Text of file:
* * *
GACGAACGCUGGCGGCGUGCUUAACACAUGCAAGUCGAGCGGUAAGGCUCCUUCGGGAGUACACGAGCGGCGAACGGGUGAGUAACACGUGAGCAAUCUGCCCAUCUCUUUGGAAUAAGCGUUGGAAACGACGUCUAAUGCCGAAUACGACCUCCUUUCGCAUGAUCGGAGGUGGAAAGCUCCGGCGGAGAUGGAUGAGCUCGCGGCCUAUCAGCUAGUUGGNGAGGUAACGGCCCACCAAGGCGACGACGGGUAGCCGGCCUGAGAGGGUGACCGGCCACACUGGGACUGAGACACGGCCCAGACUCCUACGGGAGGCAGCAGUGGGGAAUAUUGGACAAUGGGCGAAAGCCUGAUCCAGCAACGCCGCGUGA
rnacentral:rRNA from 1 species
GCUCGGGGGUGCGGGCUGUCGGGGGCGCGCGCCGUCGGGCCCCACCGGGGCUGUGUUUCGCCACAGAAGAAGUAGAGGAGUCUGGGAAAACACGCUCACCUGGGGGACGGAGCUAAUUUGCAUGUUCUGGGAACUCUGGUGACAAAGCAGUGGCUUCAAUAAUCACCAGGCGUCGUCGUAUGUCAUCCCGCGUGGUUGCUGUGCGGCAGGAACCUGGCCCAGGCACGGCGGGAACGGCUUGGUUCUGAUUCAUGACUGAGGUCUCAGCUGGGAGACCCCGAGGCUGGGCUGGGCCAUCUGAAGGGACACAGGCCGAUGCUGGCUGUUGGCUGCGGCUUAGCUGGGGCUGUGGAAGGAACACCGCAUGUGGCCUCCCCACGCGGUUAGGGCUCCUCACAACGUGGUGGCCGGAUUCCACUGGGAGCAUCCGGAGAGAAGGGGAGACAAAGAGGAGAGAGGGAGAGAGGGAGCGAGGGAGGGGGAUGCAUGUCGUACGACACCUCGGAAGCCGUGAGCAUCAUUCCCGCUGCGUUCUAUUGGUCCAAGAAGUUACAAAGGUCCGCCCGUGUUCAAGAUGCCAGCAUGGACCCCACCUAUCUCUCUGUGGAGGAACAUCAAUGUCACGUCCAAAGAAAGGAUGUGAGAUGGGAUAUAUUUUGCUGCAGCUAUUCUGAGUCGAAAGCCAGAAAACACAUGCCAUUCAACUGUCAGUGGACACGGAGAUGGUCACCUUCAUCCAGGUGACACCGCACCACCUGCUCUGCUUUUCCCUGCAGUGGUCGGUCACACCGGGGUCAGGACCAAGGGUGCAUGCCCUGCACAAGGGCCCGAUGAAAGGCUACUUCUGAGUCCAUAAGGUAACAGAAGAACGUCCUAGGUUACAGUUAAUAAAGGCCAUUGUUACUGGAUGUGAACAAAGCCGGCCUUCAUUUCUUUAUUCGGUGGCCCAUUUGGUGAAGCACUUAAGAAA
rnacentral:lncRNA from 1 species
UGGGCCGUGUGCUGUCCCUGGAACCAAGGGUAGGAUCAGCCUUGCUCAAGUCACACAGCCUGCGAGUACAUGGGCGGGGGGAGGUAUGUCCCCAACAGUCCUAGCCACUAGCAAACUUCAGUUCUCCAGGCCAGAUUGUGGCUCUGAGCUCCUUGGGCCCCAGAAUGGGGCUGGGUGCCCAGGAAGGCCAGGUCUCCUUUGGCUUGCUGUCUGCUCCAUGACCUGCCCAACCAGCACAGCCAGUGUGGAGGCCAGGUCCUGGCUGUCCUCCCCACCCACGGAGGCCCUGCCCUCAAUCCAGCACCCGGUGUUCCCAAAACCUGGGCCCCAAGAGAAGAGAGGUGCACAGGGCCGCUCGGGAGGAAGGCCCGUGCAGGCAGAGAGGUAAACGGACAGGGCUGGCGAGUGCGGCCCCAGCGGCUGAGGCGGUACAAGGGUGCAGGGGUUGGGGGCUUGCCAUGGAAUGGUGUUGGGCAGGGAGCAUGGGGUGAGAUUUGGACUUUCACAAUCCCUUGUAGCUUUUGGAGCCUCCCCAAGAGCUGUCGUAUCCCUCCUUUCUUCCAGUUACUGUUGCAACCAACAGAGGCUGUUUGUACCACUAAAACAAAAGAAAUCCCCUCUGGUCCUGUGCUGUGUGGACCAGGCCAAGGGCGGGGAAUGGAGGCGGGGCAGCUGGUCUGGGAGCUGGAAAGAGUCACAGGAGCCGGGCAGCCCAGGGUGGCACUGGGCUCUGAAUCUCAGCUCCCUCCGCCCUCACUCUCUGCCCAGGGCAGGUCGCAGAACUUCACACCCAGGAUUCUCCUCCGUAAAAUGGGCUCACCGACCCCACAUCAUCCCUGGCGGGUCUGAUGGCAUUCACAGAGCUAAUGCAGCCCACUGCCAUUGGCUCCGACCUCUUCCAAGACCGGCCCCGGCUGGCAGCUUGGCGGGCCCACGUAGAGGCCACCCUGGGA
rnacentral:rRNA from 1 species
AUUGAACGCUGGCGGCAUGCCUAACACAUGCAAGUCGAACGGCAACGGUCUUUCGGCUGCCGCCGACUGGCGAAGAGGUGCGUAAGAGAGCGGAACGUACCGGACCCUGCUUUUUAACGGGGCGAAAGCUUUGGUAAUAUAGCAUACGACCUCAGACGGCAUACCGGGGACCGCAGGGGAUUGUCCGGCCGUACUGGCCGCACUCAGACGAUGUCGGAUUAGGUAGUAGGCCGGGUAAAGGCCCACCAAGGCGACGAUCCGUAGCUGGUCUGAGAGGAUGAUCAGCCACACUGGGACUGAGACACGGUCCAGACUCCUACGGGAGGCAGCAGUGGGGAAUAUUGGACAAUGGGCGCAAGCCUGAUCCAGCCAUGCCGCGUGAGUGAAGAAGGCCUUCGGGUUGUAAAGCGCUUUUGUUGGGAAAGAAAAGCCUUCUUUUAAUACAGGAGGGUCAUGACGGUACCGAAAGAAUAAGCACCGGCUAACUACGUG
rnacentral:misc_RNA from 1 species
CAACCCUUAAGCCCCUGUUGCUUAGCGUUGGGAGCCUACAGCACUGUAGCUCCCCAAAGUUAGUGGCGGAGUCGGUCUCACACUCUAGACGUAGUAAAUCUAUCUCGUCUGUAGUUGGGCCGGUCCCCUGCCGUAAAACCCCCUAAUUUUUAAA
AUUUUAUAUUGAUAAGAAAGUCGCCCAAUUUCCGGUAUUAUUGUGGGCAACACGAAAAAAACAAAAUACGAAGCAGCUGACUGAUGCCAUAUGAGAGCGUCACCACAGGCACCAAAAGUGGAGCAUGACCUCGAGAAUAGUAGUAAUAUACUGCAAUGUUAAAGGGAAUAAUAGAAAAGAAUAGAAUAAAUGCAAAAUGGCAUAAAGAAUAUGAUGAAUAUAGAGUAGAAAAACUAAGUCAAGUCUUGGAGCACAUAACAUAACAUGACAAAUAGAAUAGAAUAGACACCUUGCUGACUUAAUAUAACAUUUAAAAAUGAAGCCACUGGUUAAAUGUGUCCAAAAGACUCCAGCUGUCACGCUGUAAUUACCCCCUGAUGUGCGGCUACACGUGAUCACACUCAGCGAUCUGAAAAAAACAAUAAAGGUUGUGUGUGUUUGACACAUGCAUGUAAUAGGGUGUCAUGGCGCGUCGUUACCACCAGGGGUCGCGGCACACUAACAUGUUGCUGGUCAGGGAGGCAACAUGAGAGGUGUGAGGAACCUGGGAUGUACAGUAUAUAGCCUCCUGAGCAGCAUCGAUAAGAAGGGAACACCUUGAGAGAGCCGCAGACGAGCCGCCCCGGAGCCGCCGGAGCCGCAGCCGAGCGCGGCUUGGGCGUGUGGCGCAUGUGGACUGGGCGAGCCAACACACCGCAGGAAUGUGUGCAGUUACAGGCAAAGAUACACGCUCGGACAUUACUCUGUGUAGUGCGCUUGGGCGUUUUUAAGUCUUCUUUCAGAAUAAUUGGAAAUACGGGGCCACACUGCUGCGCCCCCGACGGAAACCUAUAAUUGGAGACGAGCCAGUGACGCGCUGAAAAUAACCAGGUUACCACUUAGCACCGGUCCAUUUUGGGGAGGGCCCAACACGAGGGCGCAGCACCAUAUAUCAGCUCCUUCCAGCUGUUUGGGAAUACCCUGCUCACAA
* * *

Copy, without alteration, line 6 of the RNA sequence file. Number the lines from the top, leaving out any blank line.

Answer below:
rnacentral:rRNA from 1 species